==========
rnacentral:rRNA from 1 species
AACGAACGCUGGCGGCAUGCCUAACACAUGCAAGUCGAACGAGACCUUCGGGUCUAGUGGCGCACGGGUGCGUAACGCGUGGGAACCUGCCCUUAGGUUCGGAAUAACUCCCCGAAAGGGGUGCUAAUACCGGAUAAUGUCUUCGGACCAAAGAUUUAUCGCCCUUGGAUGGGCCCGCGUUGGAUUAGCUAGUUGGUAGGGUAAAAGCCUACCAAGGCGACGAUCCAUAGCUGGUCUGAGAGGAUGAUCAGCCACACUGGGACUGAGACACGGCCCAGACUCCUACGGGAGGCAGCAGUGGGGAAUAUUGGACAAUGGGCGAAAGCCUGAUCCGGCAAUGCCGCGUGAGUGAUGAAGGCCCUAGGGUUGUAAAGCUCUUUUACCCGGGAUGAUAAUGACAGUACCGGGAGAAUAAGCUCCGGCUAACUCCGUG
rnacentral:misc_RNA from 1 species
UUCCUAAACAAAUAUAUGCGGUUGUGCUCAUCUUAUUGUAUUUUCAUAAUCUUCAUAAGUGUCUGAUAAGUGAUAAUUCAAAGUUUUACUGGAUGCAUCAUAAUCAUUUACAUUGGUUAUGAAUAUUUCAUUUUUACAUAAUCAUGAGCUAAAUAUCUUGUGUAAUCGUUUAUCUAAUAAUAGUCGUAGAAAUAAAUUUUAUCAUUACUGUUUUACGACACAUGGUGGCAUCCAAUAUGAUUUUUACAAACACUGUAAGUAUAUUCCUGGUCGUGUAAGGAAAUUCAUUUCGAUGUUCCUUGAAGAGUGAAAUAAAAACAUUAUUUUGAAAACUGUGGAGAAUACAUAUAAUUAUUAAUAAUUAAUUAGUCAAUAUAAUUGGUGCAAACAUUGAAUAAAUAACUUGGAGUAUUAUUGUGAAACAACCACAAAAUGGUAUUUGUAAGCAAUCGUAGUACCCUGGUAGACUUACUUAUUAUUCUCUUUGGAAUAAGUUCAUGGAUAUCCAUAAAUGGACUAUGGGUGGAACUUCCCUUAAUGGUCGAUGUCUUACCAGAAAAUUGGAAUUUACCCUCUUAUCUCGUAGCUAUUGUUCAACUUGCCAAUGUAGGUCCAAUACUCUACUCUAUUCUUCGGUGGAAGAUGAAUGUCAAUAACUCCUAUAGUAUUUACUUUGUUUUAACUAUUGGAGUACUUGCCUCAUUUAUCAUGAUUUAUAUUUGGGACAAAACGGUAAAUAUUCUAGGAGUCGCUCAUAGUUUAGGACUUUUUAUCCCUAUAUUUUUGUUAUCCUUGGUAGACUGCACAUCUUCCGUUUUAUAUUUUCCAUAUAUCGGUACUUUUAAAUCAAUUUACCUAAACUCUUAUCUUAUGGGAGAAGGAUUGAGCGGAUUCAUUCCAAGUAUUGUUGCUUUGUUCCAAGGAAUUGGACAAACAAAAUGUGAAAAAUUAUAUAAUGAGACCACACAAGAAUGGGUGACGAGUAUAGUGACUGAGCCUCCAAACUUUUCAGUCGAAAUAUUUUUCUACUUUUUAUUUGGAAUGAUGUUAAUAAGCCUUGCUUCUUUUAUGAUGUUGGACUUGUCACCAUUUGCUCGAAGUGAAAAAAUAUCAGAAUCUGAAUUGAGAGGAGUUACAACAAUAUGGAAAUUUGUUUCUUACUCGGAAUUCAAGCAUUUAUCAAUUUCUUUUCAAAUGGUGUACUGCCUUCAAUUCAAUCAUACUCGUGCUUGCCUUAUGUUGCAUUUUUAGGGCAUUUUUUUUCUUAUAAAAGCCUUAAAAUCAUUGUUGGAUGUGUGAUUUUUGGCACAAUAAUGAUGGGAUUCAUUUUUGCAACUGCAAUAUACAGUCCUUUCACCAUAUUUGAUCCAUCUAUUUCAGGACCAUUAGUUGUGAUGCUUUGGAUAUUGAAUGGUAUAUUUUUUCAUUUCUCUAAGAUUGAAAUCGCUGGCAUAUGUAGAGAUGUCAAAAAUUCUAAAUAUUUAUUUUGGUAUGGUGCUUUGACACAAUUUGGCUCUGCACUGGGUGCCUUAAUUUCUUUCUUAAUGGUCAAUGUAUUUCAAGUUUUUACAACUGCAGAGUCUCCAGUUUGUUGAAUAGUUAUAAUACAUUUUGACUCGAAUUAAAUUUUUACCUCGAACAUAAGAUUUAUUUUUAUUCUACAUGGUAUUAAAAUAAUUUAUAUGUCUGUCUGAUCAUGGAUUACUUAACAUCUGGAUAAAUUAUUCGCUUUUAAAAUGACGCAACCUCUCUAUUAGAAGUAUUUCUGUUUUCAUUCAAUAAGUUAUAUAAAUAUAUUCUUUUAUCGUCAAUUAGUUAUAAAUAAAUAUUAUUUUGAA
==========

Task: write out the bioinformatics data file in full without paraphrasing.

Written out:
rnacentral:rRNA from 1 species
AACGAACGCUGGCGGCAUGCCUAACACAUGCAAGUCGAACGAGACCUUCGGGUCUAGUGGCGCACGGGUGCGUAACGCGUGGGAACCUGCCCUUAGGUUCGGAAUAACUCCCCGAAAGGGGUGCUAAUACCGGAUAAUGUCUUCGGACCAAAGAUUUAUCGCCCUUGGAUGGGCCCGCGUUGGAUUAGCUAGUUGGUAGGGUAAAAGCCUACCAAGGCGACGAUCCAUAGCUGGUCUGAGAGGAUGAUCAGCCACACUGGGACUGAGACACGGCCCAGACUCCUACGGGAGGCAGCAGUGGGGAAUAUUGGACAAUGGGCGAAAGCCUGAUCCGGCAAUGCCGCGUGAGUGAUGAAGGCCCUAGGGUUGUAAAGCUCUUUUACCCGGGAUGAUAAUGACAGUACCGGGAGAAUAAGCUCCGGCUAACUCCGUG
rnacentral:misc_RNA from 1 species
UUCCUAAACAAAUAUAUGCGGUUGUGCUCAUCUUAUUGUAUUUUCAUAAUCUUCAUAAGUGUCUGAUAAGUGAUAAUUCAAAGUUUUACUGGAUGCAUCAUAAUCAUUUACAUUGGUUAUGAAUAUUUCAUUUUUACAUAAUCAUGAGCUAAAUAUCUUGUGUAAUCGUUUAUCUAAUAAUAGUCGUAGAAAUAAAUUUUAUCAUUACUGUUUUACGACACAUGGUGGCAUCCAAUAUGAUUUUUACAAACACUGUAAGUAUAUUCCUGGUCGUGUAAGGAAAUUCAUUUCGAUGUUCCUUGAAGAGUGAAAUAAAAACAUUAUUUUGAAAACUGUGGAGAAUACAUAUAAUUAUUAAUAAUUAAUUAGUCAAUAUAAUUGGUGCAAACAUUGAAUAAAUAACUUGGAGUAUUAUUGUGAAACAACCACAAAAUGGUAUUUGUAAGCAAUCGUAGUACCCUGGUAGACUUACUUAUUAUUCUCUUUGGAAUAAGUUCAUGGAUAUCCAUAAAUGGACUAUGGGUGGAACUUCCCUUAAUGGUCGAUGUCUUACCAGAAAAUUGGAAUUUACCCUCUUAUCUCGUAGCUAUUGUUCAACUUGCCAAUGUAGGUCCAAUACUCUACUCUAUUCUUCGGUGGAAGAUGAAUGUCAAUAACUCCUAUAGUAUUUACUUUGUUUUAACUAUUGGAGUACUUGCCUCAUUUAUCAUGAUUUAUAUUUGGGACAAAACGGUAAAUAUUCUAGGAGUCGCUCAUAGUUUAGGACUUUUUAUCCCUAUAUUUUUGUUAUCCUUGGUAGACUGCACAUCUUCCGUUUUAUAUUUUCCAUAUAUCGGUACUUUUAAAUCAAUUUACCUAAACUCUUAUCUUAUGGGAGAAGGAUUGAGCGGAUUCAUUCCAAGUAUUGUUGCUUUGUUCCAAGGAAUUGGACAAACAAAAUGUGAAAAAUUAUAUAAUGAGACCACACAAGAAUGGGUGACGAGUAUAGUGACUGAGCCUCCAAACUUUUCAGUCGAAAUAUUUUUCUACUUUUUAUUUGGAAUGAUGUUAAUAAGCCUUGCUUCUUUUAUGAUGUUGGACUUGUCACCAUUUGCUCGAAGUGAAAAAAUAUCAGAAUCUGAAUUGAGAGGAGUUACAACAAUAUGGAAAUUUGUUUCUUACUCGGAAUUCAAGCAUUUAUCAAUUUCUUUUCAAAUGGUGUACUGCCUUCAAUUCAAUCAUACUCGUGCUUGCCUUAUGUUGCAUUUUUAGGGCAUUUUUUUUCUUAUAAAAGCCUUAAAAUCAUUGUUGGAUGUGUGAUUUUUGGCACAAUAAUGAUGGGAUUCAUUUUUGCAACUGCAAUAUACAGUCCUUUCACCAUAUUUGAUCCAUCUAUUUCAGGACCAUUAGUUGUGAUGCUUUGGAUAUUGAAUGGUAUAUUUUUUCAUUUCUCUAAGAUUGAAAUCGCUGGCAUAUGUAGAGAUGUCAAAAAUUCUAAAUAUUUAUUUUGGUAUGGUGCUUUGACACAAUUUGGCUCUGCACUGGGUGCCUUAAUUUCUUUCUUAAUGGUCAAUGUAUUUCAAGUUUUUACAACUGCAGAGUCUCCAGUUUGUUGAAUAGUUAUAAUACAUUUUGACUCGAAUUAAAUUUUUACCUCGAACAUAAGAUUUAUUUUUAUUCUACAUGGUAUUAAAAUAAUUUAUAUGUCUGUCUGAUCAUGGAUUACUUAACAUCUGGAUAAAUUAUUCGCUUUUAAAAUGACGCAACCUCUCUAUUAGAAGUAUUUCUGUUUUCAUUCAAUAAGUUAUAUAAAUAUAUUCUUUUAUCGUCAAUUAGUUAUAAAUAAAUAUUAUUUUGAA